How many of you used to dare your siblings to eat gross looking things you found in the fridge?
Summary: It is the best idea Fred has ever had. So he is not sure how it went so wrong. General, Fic-For-Kids, Hurt/Comfort(ish), Wee!Weasleys starring Fred, George & Charlie Weasley. Rated PG, but it may give your children ideas for pranks, and with 2,070 words.
Title: Burrowing - The Best Idea Ever
Author: The Artful Dodger / dodger_sister
Fandom: Harry Potter
Category: General, Fic-For-Kids, Hurt/Comfort(ish), Wee!Weasleys
Characters/Pairing: Fred, George & Charlie Weasley
Warnings: Your kids might get ideas for pranks.
Summary: It is the best idea Fred has ever had. So he is not sure how it went so wrong.
Word Count: 2,070 words.
Date Written: June, 2012
Disclaimer: The Harry Potter books and all the Weasley characters belongs to JK Rowling and some other people. I wrote this story and it makes me no money or gold.
Feedback: Bring it. dodger_sister / TheArtofDodger@comcast.net
Author's Notes: I have been wanting to write more in the Burrowing ’verse for years now. When I sat down to write this story for a friend, I thought it would be some cute Fred & George hijinks- which it is. But after writing a slew of fic-for-kids for my nephew, this story also seems to have come out with a tone aimed at children. That was not my intention when I started writing it, but I rather like how it came out. Wee!Fred and Wee!George are the cutest things ever. I was going to make it ‘farting’ in the story, so it would be less Charlie and Grandpa Joe, but I just couldn’t bring myself to write a fic about farting. And oh yeah, the ‘make your sibling drink whatever you can find in the kitchen’ game - totally use to play that when I was a kid.
Dedication: For mandatorily. I know things have been beyond the suck lately, my dear, and I do hope they get better soon. But in the meantime, maybe some Wee!Weasleys will cheer you up. All the hugs, darling.
Best. Idea. Ever.
Fred was sure of it. He’d done a lot of supremely amazing things in his eight years of life but this was, by far, the best.
It had started with a dare, as most things do with young boys. George had pulled the remains of some old half-eaten dinner out of the back of the icebox and dared Fred to eat it.
Fred had slapped at his brother and shoved him away.
Then, knowing his brother’s weak spot, George had looked him right in the eyes and said, “Bill would do it.”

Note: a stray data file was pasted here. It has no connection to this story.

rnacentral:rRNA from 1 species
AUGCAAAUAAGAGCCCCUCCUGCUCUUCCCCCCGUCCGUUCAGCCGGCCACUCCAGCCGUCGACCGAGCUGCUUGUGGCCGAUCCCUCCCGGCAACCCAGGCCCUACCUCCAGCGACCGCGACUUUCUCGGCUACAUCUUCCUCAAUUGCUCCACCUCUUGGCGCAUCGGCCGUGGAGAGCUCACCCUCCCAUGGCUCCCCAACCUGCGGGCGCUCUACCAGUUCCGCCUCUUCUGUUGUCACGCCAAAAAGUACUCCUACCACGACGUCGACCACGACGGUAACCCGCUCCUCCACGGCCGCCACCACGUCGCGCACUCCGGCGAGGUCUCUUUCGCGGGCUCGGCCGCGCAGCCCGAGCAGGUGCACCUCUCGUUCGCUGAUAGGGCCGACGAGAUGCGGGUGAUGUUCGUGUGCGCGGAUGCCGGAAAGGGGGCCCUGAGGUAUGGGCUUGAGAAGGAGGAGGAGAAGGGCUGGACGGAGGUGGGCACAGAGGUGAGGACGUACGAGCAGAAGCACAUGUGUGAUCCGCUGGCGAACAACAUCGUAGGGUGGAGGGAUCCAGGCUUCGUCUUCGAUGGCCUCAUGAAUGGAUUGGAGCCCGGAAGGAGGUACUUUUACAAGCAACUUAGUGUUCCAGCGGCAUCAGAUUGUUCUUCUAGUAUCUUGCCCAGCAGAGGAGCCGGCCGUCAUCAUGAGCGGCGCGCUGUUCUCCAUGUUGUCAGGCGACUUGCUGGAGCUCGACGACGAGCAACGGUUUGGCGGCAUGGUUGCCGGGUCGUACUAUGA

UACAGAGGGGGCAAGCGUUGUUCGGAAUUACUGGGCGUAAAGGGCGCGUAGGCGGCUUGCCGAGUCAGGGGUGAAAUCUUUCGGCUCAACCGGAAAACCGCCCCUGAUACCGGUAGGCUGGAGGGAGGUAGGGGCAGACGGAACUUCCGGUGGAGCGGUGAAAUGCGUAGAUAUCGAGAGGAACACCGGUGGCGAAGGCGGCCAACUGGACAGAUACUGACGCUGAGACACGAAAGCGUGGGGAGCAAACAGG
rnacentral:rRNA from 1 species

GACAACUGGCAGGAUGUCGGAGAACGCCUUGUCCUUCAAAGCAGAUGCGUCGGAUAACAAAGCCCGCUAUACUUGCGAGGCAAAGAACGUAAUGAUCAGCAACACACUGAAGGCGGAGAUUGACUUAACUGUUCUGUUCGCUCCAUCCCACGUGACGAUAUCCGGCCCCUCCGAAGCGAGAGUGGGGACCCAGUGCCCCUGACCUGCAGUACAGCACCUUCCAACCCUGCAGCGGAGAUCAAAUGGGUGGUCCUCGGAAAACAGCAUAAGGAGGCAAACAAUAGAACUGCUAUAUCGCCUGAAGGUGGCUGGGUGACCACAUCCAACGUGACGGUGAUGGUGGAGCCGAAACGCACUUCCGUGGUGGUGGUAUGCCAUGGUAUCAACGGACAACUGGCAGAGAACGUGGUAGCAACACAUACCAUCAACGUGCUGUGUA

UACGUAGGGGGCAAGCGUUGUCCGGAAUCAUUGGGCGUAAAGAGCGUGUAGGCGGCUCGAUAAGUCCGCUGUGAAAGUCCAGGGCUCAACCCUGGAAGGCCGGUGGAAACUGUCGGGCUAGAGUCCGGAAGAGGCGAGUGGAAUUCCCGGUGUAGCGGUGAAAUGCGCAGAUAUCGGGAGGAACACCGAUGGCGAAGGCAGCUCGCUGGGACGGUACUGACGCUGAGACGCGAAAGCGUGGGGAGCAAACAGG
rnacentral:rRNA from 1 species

“Fine,” Fred had grumbled and picked up the green whatever-it-was and held it up to his face. “I figure you were probably alive once,” Fred told his sort-of-food. “But try not to come back to life while I’m eating you.”
Then he had shoved a bite of food the size of his own fist into his mouth and tried to chew, eyes scrunched up, ears popping as he worked his little jaw.
He choked when it finally went down and had to cough just enough to make it finish its journey down his gullet. Then he was gasping and sputtering and George was looking through the refrigerator for juice for his brother and anything else gross he might be able to get Fred to eat.
It’d gone on like that for a little awhile. Fred had dared George to drink Bill’s special healthy drink, which was mostly churned up vegetables and just for good measure, Fred had added a ridiculous amount of pepper to it.
George drank it and then stuck his head under the faucet and gulped down all the water he could.
After that, it was a rush to top each other. Anyone who has ever told you that things usually look grosser than they taste, they’d clearly never seen the inside of Mrs. Weasley’s icebox.
And now here they were, staring into the glass of Fred’s greatest creation ever.
“What is in it?” George asked suspiciously, because it actually just looked like orange juice with crushed up mellows in it.
“Nothing special,” Fred said casually. “We’re kinda running out of good things to use.”
George eyed him suspiciously.
“What?” Fred asked and pushed for even more casual than he had been, leaning back against the kitchen table, legs crossed at the ankles.
“Bugger all,” George said, eyes narrowing in on his brother. “I know that look.”
“I would think so,” Fred replied with a cheeky grin. “It’s fine anyways, if you’re too duff to do it.”
“I’m not duff!” George cried. “Just shut all for a moment and let me think.”
It was definitely orange juice and the crushed up mellows had to be Mister Cloud’s Fluff-Mellows, which their Mom only let them have in their cocoa on special occasions. One of the boys was probably going to get in trouble once their Mom noticed they were missing but that wouldn’t be until winter’d come along anyways.
“Alright,” George said and took a deep breath, let it out slow. “I’ll do it.”
Fred looked way too pleased with himself.
George took one small tentative sip.
It tasted good. Really, really good.
It was sweet and sugary and had a bit of fizz to it.
George drank down the whole glass as fast as he could.
“That was delicious,” he said and handed the cup back to his brother. “I’m gonna find something way worse for you, just so you know.”
But then something odd happened.
When George turned back to the kitchen cupboard, the one with all the spices and gross cooking ingredients that George always felt ruined what could have been a perfectly good meal, the door-handle seemed lower than it had before. Almost like George himself had suddenly grown taller.
“What’s all that?” George asked just as Fred exclaimed, “Bloody hell!” behind him.
“What’ve you done?” George told his brother and turned back around to see what was the problem.
Only when he turned around, he also kind of got taller and tipped forward a little and realized quite suddenly, that his feet were not touching the ground.
At all actually.
It wasn’t so much that George had gotten taller as it was that he was floating. In fact, he was getting quite high up now.
“Help!” he hollered. “Fred, bugger, help, Merlin, Fred!” and he thrashed around so violently that he nearly flipped over into a somersault right there in the air.
“You’re floating!” Fred cried in a rather unhelpful way.
“Do something!” George hollered back.
Fred clamored up on top of the kitchen table, knocking aside a bowl of puff-melons their Mom had set out to cook with later. He reached up and grabbed onto George’s legs, pulled George’s feet tight against his own chest and held him there.
“Now what?” Fred asked his brother’s feet.
“I don’t know!” George hollered. “Get help!”
“I can’t let go of your legs. You’ll float away.”